As is, unfortunately, often the case with patients greatly advanced in age or debilitation, practical constraints limit the potential utility of procedures which are ordinarily regarded as routine by physicians. In Mrs. Hier's case, supplying nutrition is a complex problem. Principally because of the esophageal diverticulum and to a lesser extent because of the hiatal hernia, ingestion of food and drink by mouth is a practical impossibility. See note 2, supra. Intravenous feeding, of the familiar type, presently the sole source of Mrs. Hier's hydration and nutrition, is useful as a short term technique only and mainly for hydration rather than as a source of an adequate and balanced diet. Generally intravenous feeding through the veins of the limbs is useful in furnishing water, sugar, salt and medication, but the veins break down under such intravenous feeding and will quickly close up if used for the introduction of fats, proteins and vitamins necessary for balanced nutrition. Because of intravenous feeding since April 8, the veins in Mrs. Hier's arms have already broken down to the point where future intravenous feeding will be done through her legs.
Another alternative, suitable for long-term nutritional support, is the use of a nasogastric tube, a soft tube run into the nose, through the esophagus, directly into the stomach. A nasogastric tube is normally simple to put in place. In Mrs. Hier's case, it has so far proven impossible. The precise cause of the difficulty has not been ascertained: presumably it is related to the diverticulum and the hiatal hernia. Attempts to pinpoint the problem through endoscopy have similarly failed, in part because the patient resists both types of insertion vigorously.
Another theoretical possibility is the use of what is called central hyperalimenation, a form of intravenous feeding through the chest directly into the superior vena cava, a major vein located directly above the heart. Unlike intravenous feeding in the limbs, the fats and proteins necessary to a balanced and complete diet may be introduced over an extended period in this manner. The drawbacks to the technique are that it requires a high degree of attention and supervision and thus is generally restricted to patients in acute care hospitals or to patients who are capable of understanding and monitoring its use. To the best of the physicians' knowledge, central hyperalimenation is not being employed in nursing homes, and they agree it is not suitable for a patient who, like Mrs. Hier, would in all likelihood attempt to pull out the tube or interfere with the machinery that injects the nutritive substance. Such interference could lead to a reversal of the direction of flow through the tube and consequent loss of blood. Moreover, the procedure is inherently intrusive and attended by a high risk of infection.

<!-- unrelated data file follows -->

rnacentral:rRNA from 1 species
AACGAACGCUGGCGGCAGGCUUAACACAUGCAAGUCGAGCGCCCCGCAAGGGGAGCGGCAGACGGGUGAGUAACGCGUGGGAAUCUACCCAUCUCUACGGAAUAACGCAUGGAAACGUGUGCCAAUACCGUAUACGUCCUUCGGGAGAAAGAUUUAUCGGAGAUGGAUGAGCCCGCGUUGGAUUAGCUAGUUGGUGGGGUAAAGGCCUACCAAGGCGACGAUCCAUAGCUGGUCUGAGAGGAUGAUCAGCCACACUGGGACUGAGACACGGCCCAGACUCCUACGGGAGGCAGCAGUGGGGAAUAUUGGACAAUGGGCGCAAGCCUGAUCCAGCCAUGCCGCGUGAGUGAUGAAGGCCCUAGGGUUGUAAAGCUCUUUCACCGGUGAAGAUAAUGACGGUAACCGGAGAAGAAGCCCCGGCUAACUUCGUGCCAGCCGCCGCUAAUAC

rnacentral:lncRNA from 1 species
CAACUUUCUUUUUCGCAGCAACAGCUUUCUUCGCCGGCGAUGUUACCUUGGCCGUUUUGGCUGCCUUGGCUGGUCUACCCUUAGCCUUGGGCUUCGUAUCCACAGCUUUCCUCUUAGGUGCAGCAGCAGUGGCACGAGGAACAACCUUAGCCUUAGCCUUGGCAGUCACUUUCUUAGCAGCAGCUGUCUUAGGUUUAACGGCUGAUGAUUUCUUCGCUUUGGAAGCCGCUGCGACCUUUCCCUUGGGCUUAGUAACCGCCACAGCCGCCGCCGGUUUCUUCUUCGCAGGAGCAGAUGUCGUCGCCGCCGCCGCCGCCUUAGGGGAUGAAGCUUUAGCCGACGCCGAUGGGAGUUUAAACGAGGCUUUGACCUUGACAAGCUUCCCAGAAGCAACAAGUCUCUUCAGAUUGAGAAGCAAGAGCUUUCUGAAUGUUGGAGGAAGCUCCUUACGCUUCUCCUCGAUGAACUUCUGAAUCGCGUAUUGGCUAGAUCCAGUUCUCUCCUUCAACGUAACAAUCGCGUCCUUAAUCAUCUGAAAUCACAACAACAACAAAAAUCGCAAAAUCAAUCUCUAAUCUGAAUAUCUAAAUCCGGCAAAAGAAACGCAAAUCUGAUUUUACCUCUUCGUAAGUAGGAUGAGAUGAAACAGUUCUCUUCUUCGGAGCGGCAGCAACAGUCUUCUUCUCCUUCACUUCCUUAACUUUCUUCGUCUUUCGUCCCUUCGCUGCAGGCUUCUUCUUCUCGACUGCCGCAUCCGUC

A fifth possibility -- the only one which seems reasonably feasible to the physicians, is open abdominal surgery to replace the gastric tube, or gastrostomy. Such a procedure is normally associated with a high likelihood of surgical success: less than a five percent chance of mortality. In Mrs. Hier's case, the complications are considerable, the likelihood of success somewhat questionable, and the risk of mortality somewhat higher: perhaps twenty percent or more. The scar tissue on the abdomen and, inferentially, on the stomach wall, coupled with fixation of
the stomach to the abdominal wall as a result of prior surgeries, portend a more difficult surgical procedure. The difficulties, while anticipated, cannot be adequately evaluated in advance due to the inability of the physicians to employ the usual preoperative testing procedures, such as an upper GI series or gastroscopy. The operation would probably require general anesthesia (unlike most gastrostomies), which is itself a risk to one of Mrs. Hier's age and weakened condition. After any such operation, she would have to be kept under restraint until the incision was fully healed, and most discouragingly, based on her history of repeated gastric tube dislodgements, the duration of any resulting benefit to her would be at best problematical.
A sixth theoretical possibility, surgical repair of the esophagus by removal of the diverticulum and correction of the hiatal hernia, would be a major surgery involving high risk and is recommended by no one.
Summarizing the medical evidence, the only realistic alternative to supply adequate nutrition to Mrs. Hier appears to be gastrostomy by open abdominal surgery; and, as to this procedure, two of the three physicians expressing a view recommend against employing it in the peculiar circumstances of this case. [Note 5]
The guardian ad litem does not directly attack the judge's finding that Mrs. Hier, if competent, would elect to forgo the surgery. He urges, instead, that a failure to supply nutrition to Mrs. Hier, "who is not comatose, brain dead, or vegetative, and whose death is not irreversibly imminent, . . . cannot be